Harken the words once spoken by Julia Child, “how can a nation be great if its bread tastes like Kleenex?” She was likely comparing French bakeries to Wonder Bread, an unfair comparison. But tongue and cheek aside, bread is the brick of life and bakeries are integral to the well-being and culinary culture of a people. For me the wafting scents of a bakery is like Garfield to his plate of lasagna—I gotta have it.
Having just returned from my latest trip to the Middle East, I’m pointedly avoiding standing on the scale and am indulging still in the few pastries I’ve brought back—maamul, baklawa, and kaak bread. Arabic bakeries sell many kinds of flat/pita breads, dry, crunchy breads, and sweet pastries which are all fun to try.
Breakfast is heaven in Arabia. Everyone can agree there is nothing better than waking up to the smell of freshly baking dough in the oven. In the Levant, the spread of choice is called ZAATAR, a blend of thyme, sesame seeds, sumac, and other spices. It is mixed with olive oil and spread onto flat discs of bread. When it is baked onto dough, it is called Mana’eesh.
A true Arabic breakfast will have many variations of these cheeses- Halloumi, Akawi, Qashqawan, Roomy, etc. Often they come seeded with black sesame or with zaatar.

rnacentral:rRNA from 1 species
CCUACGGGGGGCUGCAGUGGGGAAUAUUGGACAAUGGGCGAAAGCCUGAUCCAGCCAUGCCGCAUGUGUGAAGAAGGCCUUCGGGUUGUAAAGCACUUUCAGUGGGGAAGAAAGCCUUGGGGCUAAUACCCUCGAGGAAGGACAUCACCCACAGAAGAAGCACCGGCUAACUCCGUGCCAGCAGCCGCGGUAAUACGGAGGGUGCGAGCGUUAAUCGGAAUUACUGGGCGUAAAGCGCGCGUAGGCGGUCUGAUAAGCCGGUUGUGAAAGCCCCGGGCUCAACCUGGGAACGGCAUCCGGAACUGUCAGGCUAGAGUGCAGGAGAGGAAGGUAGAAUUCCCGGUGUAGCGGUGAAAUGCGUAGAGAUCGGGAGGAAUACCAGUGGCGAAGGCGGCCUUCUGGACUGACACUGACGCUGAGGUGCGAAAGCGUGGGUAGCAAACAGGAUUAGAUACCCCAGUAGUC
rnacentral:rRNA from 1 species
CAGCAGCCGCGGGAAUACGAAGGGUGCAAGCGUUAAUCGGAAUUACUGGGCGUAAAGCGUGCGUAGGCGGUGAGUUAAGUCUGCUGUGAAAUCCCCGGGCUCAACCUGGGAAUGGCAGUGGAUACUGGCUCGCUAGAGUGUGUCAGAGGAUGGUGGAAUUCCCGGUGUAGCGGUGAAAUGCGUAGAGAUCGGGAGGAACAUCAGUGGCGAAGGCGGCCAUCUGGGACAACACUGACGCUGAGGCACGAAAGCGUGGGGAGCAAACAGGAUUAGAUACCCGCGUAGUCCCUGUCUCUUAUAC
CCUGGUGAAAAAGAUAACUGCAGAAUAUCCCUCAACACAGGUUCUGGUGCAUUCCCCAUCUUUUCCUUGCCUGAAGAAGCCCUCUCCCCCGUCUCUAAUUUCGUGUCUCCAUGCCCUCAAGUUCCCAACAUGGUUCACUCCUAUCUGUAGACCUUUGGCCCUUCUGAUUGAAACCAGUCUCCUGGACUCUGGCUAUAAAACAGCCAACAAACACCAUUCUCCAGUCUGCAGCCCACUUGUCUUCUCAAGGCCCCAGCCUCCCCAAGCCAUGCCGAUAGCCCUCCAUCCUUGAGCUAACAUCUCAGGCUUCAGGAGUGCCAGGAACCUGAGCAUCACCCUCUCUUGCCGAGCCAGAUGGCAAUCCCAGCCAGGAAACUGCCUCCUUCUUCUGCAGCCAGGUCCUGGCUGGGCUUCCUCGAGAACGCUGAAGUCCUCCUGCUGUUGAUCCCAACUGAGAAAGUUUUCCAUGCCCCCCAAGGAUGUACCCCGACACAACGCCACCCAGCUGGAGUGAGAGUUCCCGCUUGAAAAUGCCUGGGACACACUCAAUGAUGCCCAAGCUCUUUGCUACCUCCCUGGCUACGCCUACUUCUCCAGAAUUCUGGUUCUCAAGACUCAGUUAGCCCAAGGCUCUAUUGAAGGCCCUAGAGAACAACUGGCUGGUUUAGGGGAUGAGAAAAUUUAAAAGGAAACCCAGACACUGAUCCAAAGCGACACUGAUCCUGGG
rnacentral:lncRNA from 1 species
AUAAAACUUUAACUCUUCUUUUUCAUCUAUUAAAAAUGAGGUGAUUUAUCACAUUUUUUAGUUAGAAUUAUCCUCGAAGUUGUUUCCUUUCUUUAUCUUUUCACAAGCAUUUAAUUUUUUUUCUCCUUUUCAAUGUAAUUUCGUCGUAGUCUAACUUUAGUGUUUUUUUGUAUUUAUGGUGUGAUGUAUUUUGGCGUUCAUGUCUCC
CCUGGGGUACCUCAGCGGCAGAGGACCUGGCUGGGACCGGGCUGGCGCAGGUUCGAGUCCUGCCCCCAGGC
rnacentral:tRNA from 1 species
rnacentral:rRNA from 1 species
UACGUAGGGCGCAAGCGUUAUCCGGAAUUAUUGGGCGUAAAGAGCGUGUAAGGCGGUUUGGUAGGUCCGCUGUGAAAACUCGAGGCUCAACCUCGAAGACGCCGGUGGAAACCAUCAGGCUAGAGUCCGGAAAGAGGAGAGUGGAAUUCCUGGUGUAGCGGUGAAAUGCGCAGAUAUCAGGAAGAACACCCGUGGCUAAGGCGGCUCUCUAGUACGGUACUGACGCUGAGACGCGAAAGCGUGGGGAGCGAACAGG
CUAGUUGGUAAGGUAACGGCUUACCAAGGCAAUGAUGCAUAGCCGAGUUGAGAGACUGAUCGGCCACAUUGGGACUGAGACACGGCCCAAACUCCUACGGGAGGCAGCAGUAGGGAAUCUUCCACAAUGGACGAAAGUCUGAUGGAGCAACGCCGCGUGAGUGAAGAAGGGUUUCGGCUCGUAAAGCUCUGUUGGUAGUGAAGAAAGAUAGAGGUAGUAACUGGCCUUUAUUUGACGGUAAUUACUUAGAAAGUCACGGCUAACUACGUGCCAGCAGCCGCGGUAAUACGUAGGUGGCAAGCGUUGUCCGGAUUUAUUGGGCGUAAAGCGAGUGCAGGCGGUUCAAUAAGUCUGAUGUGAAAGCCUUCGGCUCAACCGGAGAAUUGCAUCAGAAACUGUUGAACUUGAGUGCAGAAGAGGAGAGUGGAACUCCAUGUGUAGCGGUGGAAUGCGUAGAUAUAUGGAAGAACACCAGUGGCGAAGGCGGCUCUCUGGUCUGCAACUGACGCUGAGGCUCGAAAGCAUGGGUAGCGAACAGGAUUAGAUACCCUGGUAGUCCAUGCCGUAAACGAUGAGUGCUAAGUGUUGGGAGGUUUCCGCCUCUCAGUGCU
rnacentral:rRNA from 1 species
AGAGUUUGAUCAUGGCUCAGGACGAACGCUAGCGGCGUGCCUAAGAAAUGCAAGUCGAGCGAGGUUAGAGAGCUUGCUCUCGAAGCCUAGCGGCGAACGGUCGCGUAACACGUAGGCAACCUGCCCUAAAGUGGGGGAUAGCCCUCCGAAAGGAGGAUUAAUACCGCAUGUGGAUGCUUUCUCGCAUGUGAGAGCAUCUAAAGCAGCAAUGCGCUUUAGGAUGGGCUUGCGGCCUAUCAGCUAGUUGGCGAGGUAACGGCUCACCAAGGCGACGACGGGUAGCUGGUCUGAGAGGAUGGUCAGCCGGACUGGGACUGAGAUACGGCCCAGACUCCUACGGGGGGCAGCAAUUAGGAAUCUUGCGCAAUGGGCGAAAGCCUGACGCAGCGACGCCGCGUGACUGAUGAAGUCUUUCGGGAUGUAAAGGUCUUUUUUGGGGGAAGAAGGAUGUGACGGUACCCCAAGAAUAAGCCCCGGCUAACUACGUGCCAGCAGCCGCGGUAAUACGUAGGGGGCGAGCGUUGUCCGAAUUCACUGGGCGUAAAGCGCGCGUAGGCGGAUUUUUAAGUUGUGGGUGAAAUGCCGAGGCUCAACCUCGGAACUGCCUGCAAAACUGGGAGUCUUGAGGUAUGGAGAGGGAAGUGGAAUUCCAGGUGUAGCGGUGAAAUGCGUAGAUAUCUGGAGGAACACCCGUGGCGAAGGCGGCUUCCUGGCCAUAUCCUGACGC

To complement the cheeses a couple types of olives could be laid out. In my uncle’s house, slightly under-ripe green Jordanian olives are soaked with lemon wedges and green peppers.
Another popular breakfast food is called Fool Medames, which is a traditional Egyptian dish of fava beans cooked with garlic, onion, spices and served in a long spread of tomato, parsley, olives, lemon juice and bread.
Jordan is known for its high quality zaatar. In fact, in one store I saw 9 varieties, and still other people mix and make their own varieties. Mana’eesh is a staple in Arabic homes and a delight to treat the house with. It can be made with cheese, and ground meat, as well as zaatar. The trickiest part is getting the dough just right.
Mana’eesh, or Zaatar Bread
- 1 tspn active dry yeast
- 3 cups flour
- 1 tspn salt
- 3 tbpn vegetable oil
- 2 cups warm water
- 4 tbspn olive oil
- ½ cup zaatar mixture
- 2 tbsn sumac (optional)
- Dissolve yeast in little warm water.
- Mix the flour, salt and the water dissolved yeast; then add vegetable oil and kneed until a dough forms on a floured surface. Shape dough into a ball and transfer to a clean bowl. Cover with a clean, damp cloth and set aside for 1-2 hours until dough has doubled in size.
- Preheat oven to 350°. Grease a baking sheet with some vegetable oil.
- Divide the dough into smaller parts and shape into balls. Roll each part on a lightly floured surface using a rolling pin. Using fingertips or a pastry cutter, shape into a roughly 8” round. Transfer to greased sheet pan.
- In a small bowl mix zaatar, and olive oil together. Optionally, add sumac which makes a more tart flavor.
- Top each circle with 1 tablespoon of zaatar mixture and spread with fingers. Bake discs about 7 minutes, until the edges are lightly browned. Be careful not to burn.
- May serve warm or at room temperature.